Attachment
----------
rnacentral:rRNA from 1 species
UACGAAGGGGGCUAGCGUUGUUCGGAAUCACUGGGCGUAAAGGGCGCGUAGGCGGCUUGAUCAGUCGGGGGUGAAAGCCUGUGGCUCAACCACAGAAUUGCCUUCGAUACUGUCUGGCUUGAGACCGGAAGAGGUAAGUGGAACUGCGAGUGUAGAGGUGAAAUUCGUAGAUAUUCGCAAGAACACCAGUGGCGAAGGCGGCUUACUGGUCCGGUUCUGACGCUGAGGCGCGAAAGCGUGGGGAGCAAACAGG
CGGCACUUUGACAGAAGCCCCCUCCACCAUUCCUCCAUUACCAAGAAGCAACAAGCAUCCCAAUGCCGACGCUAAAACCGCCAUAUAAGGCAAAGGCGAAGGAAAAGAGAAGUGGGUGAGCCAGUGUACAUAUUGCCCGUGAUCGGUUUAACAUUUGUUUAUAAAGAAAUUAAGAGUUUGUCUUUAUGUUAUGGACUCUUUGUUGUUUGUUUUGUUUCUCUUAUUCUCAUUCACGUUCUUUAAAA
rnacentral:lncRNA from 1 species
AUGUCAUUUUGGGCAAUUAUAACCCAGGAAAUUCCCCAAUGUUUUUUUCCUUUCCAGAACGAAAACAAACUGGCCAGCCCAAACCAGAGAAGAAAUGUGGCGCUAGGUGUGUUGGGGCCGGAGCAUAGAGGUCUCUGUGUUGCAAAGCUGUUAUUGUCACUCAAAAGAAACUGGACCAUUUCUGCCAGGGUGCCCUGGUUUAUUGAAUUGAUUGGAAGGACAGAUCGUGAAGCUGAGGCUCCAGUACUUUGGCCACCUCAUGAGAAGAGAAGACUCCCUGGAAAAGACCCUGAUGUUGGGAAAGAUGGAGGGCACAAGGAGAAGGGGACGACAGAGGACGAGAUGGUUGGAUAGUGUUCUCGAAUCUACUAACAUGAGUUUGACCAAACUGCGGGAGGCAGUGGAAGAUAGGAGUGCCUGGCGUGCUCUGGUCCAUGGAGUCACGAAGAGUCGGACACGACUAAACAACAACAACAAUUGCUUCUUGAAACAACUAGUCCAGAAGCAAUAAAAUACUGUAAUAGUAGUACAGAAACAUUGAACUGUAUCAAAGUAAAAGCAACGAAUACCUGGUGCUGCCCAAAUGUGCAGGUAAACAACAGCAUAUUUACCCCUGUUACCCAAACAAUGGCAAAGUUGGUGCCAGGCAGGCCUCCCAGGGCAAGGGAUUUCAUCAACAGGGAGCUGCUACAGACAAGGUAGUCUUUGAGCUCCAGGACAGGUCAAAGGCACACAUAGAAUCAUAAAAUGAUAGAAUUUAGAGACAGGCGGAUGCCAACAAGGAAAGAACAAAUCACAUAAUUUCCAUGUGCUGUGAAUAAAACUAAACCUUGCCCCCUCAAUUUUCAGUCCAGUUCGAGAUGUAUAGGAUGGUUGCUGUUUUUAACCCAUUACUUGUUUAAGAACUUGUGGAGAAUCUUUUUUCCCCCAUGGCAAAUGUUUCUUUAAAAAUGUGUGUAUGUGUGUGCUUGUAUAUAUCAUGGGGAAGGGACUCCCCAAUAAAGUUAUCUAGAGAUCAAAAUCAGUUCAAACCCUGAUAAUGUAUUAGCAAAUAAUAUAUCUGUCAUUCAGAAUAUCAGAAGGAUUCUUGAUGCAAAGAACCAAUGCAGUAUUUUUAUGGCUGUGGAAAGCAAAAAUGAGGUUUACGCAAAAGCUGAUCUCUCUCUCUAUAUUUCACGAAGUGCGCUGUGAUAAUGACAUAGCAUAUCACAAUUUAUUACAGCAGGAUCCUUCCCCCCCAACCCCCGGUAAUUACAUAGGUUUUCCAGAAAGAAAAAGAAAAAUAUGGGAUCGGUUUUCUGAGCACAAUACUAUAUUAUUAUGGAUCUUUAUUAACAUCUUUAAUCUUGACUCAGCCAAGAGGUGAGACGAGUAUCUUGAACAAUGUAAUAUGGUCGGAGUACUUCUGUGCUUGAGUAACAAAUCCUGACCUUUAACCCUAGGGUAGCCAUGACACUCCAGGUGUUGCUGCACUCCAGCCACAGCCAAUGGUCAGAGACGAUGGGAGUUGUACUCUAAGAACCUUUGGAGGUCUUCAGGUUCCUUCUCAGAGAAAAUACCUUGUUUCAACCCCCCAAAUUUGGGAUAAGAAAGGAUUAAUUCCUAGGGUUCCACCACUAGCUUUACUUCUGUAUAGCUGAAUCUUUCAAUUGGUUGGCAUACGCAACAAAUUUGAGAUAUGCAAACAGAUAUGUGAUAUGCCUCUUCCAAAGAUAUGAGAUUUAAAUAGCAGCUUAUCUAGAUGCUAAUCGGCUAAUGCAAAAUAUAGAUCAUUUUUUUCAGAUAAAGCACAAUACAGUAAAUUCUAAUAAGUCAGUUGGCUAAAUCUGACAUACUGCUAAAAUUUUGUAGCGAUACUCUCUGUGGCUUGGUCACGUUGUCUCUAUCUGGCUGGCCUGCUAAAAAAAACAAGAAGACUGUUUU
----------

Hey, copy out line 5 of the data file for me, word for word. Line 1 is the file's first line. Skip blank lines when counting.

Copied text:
AUGUCAUUUUGGGCAAUUAUAACCCAGGAAAUUCCCCAAUGUUUUUUUCCUUUCCAGAACGAAAACAAACUGGCCAGCCCAAACCAGAGAAGAAAUGUGGCGCUAGGUGUGUUGGGGCCGGAGCAUAGAGGUCUCUGUGUUGCAAAGCUGUUAUUGUCACUCAAAAGAAACUGGACCAUUUCUGCCAGGGUGCCCUGGUUUAUUGAAUUGAUUGGAAGGACAGAUCGUGAAGCUGAGGCUCCAGUACUUUGGCCACCUCAUGAGAAGAGAAGACUCCCUGGAAAAGACCCUGAUGUUGGGAAAGAUGGAGGGCACAAGGAGAAGGGGACGACAGAGGACGAGAUGGUUGGAUAGUGUUCUCGAAUCUACUAACAUGAGUUUGACCAAACUGCGGGAGGCAGUGGAAGAUAGGAGUGCCUGGCGUGCUCUGGUCCAUGGAGUCACGAAGAGUCGGACACGACUAAACAACAACAACAAUUGCUUCUUGAAACAACUAGUCCAGAAGCAAUAAAAUACUGUAAUAGUAGUACAGAAACAUUGAACUGUAUCAAAGUAAAAGCAACGAAUACCUGGUGCUGCCCAAAUGUGCAGGUAAACAACAGCAUAUUUACCCCUGUUACCCAAACAAUGGCAAAGUUGGUGCCAGGCAGGCCUCCCAGGGCAAGGGAUUUCAUCAACAGGGAGCUGCUACAGACAAGGUAGUCUUUGAGCUCCAGGACAGGUCAAAGGCACACAUAGAAUCAUAAAAUGAUAGAAUUUAGAGACAGGCGGAUGCCAACAAGGAAAGAACAAAUCACAUAAUUUCCAUGUGCUGUGAAUAAAACUAAACCUUGCCCCCUCAAUUUUCAGUCCAGUUCGAGAUGUAUAGGAUGGUUGCUGUUUUUAACCCAUUACUUGUUUAAGAACUUGUGGAGAAUCUUUUUUCCCCCAUGGCAAAUGUUUCUUUAAAAAUGUGUGUAUGUGUGUGCUUGUAUAUAUCAUGGGGAAGGGACUCCCCAAUAAAGUUAUCUAGAGAUCAAAAUCAGUUCAAACCCUGAUAAUGUAUUAGCAAAUAAUAUAUCUGUCAUUCAGAAUAUCAGAAGGAUUCUUGAUGCAAAGAACCAAUGCAGUAUUUUUAUGGCUGUGGAAAGCAAAAAUGAGGUUUACGCAAAAGCUGAUCUCUCUCUCUAUAUUUCACGAAGUGCGCUGUGAUAAUGACAUAGCAUAUCACAAUUUAUUACAGCAGGAUCCUUCCCCCCCAACCCCCGGUAAUUACAUAGGUUUUCCAGAAAGAAAAAGAAAAAUAUGGGAUCGGUUUUCUGAGCACAAUACUAUAUUAUUAUGGAUCUUUAUUAACAUCUUUAAUCUUGACUCAGCCAAGAGGUGAGACGAGUAUCUUGAACAAUGUAAUAUGGUCGGAGUACUUCUGUGCUUGAGUAACAAAUCCUGACCUUUAACCCUAGGGUAGCCAUGACACUCCAGGUGUUGCUGCACUCCAGCCACAGCCAAUGGUCAGAGACGAUGGGAGUUGUACUCUAAGAACCUUUGGAGGUCUUCAGGUUCCUUCUCAGAGAAAAUACCUUGUUUCAACCCCCCAAAUUUGGGAUAAGAAAGGAUUAAUUCCUAGGGUUCCACCACUAGCUUUACUUCUGUAUAGCUGAAUCUUUCAAUUGGUUGGCAUACGCAACAAAUUUGAGAUAUGCAAACAGAUAUGUGAUAUGCCUCUUCCAAAGAUAUGAGAUUUAAAUAGCAGCUUAUCUAGAUGCUAAUCGGCUAAUGCAAAAUAUAGAUCAUUUUUUUCAGAUAAAGCACAAUACAGUAAAUUCUAAUAAGUCAGUUGGCUAAAUCUGACAUACUGCUAAAAUUUUGUAGCGAUACUCUCUGUGGCUUGGUCACGUUGUCUCUAUCUGGCUGGCCUGCUAAAAAAAACAAGAAGACUGUUUU